Geography of Georgia
Landscape: Approximately 2/3 of the country is covered by mountains, and the rest of the land is also characterized by a variety of contrasts. The northern part of Georgia is formed by the Caucasus mountain range, with the highest peak of Shkhara (5.068 m.), followed by Kazbegi (Mkinvartsveri – 5.047 m.) and Ushba (4.710 m.) peaks as the second and third highest mountains. The Caucasus Minor covers the southern part of the country. Between these two mountain systems the Kolkhida lowland is spread (its lowest point near lake Paliastomi is a mere 1.5 m. above sea level), with its eastern counterparts – the plains of Alazani, and Shida and Qvemo Kartli valleys.
Climate: A comparatively small territory of the country demonstrates almost a complete variety of the climate zones of the planet – from eternal snows and glaciers and high mountain zones of the Caucasus Major - to the humid subtropical climate of the Black Sea coast, and from the climate of tropics – to that of the semi-deserts. The Likhi mountain range divides the country into two sharply different climate areas: the humid subtropical western zone of the Black Sea, and the dry continental zone of the east. The average temperature in January is about + 3o C in western Georgia and - 2o C in the eastern part; correspondingly, the temperature varies in August within the limits of 23 – 26o C.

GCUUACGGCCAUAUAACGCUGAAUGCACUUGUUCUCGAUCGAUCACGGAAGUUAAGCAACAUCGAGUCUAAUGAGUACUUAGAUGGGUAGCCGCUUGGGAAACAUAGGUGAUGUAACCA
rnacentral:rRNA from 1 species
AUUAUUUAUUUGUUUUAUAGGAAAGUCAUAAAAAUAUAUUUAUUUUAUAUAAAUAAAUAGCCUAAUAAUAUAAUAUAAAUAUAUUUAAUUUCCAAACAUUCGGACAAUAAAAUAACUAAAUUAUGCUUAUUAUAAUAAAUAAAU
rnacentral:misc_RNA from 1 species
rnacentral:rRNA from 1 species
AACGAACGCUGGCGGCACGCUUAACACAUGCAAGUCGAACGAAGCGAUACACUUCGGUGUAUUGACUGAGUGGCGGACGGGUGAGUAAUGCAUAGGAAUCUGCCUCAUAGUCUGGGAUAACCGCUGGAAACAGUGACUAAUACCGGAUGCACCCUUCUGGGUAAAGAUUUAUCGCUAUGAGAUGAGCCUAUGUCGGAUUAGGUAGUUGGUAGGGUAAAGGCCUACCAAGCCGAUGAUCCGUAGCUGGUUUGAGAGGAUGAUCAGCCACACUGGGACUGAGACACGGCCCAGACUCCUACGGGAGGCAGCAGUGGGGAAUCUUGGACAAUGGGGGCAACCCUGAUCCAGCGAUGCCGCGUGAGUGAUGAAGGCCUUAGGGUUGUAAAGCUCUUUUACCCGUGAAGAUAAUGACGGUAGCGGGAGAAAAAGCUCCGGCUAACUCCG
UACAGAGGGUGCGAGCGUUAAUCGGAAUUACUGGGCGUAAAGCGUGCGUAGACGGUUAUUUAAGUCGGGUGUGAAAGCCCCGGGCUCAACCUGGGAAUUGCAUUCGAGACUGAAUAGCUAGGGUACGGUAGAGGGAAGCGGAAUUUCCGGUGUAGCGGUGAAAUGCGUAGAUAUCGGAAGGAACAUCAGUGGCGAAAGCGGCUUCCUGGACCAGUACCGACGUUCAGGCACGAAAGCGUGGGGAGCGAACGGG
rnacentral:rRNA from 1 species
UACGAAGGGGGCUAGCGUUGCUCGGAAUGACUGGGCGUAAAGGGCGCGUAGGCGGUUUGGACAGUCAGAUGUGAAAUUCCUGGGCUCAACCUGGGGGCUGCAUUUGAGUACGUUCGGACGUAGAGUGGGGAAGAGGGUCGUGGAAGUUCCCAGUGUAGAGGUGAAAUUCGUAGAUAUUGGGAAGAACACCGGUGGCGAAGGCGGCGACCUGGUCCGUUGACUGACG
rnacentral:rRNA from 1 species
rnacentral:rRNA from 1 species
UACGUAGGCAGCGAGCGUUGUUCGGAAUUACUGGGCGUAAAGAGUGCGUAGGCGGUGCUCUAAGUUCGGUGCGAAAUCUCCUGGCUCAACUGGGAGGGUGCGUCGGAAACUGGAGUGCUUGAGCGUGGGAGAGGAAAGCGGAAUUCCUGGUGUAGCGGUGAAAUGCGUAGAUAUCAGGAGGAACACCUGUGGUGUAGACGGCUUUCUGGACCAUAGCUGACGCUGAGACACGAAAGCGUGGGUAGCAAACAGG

Water resources: The country is exceptionally rich in water resources: there are more than 26,000 rivers, 756 lakes, a multitude of reservoirs and a substantial number of waterfalls. The mineral springs are also in abundance – about 2,000 sorts of almost any type of classification. The familiar names of Borjomi, Sairme, Nabeghlavi are among the most popular and widely known brands. There are also numerous fresh and thermal water springs (their temperature up to near boiling point), along with therapeutic mud perfect for mud-and-water cure, these water resources provide the factor and basis for a variety of spas and health resorts.
Flora and Fauna: The vegetation in Georgia is remarkable in richness and diversity. Species of flowering plants reach an impressive number of several thousand, almost 4,500, of them. The widespread herbs and plants are utilized for many purposes. Endemic plants – like rhododendron, box-tree, cherry laurel, persimmon and many other plants are well preserved. The following species included in the Red List of Georgia can be found: Elm, Yew tree, Oak, Chestnut, and Caucasian Whortleberry. More than 1/3 of the country is covered with forests, and the broad-leave type of trees makes the prevailing species of the woods. Vast alpine meadows extend from the upper edge of the forests up to the height of 2,800-3,500 m. above sea level. Among specific landscape zones of the country, a broad-leaved liana, deserves special attention in the forests with evergreen trees and bushes. Georgian fauna is notably diverse. Around 100 mammal species, more than 330 species of birds, and 48 species of reptiles, 11 species of amphibians and 160 species of fish and thousands of species of invertebrates dwell in Georgia. Following animals: Wolves, foxes, deer, badgers, bears, marmots, ibex, Lynxes, chamois, Hedgehogs, Hares, badgers and aurochs populate the forests and mountains. The following bird species are included in the Red List of Georgia: Eagles, Buzzard, Woodpeckers, Cuckoo, Eurasian Jays, Wood pigeons, Owls and etc.